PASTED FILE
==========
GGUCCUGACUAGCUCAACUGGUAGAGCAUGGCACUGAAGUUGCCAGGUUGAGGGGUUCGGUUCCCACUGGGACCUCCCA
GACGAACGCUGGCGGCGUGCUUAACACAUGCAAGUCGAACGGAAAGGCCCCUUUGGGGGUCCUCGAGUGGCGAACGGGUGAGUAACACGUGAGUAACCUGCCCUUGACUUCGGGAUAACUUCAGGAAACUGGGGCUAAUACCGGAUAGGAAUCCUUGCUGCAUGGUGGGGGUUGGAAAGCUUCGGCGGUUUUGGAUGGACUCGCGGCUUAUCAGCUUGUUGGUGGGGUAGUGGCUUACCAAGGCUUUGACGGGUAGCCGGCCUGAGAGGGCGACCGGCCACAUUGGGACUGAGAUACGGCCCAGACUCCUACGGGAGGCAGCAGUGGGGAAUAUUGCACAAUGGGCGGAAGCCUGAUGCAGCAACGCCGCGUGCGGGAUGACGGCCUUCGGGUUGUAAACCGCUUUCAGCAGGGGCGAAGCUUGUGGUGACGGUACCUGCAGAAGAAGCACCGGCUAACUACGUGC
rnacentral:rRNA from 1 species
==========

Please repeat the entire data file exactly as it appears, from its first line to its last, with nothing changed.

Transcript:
GGUCCUGACUAGCUCAACUGGUAGAGCAUGGCACUGAAGUUGCCAGGUUGAGGGGUUCGGUUCCCACUGGGACCUCCCA
GACGAACGCUGGCGGCGUGCUUAACACAUGCAAGUCGAACGGAAAGGCCCCUUUGGGGGUCCUCGAGUGGCGAACGGGUGAGUAACACGUGAGUAACCUGCCCUUGACUUCGGGAUAACUUCAGGAAACUGGGGCUAAUACCGGAUAGGAAUCCUUGCUGCAUGGUGGGGGUUGGAAAGCUUCGGCGGUUUUGGAUGGACUCGCGGCUUAUCAGCUUGUUGGUGGGGUAGUGGCUUACCAAGGCUUUGACGGGUAGCCGGCCUGAGAGGGCGACCGGCCACAUUGGGACUGAGAUACGGCCCAGACUCCUACGGGAGGCAGCAGUGGGGAAUAUUGCACAAUGGGCGGAAGCCUGAUGCAGCAACGCCGCGUGCGGGAUGACGGCCUUCGGGUUGUAAACCGCUUUCAGCAGGGGCGAAGCUUGUGGUGACGGUACCUGCAGAAGAAGCACCGGCUAACUACGUGC
rnacentral:rRNA from 1 species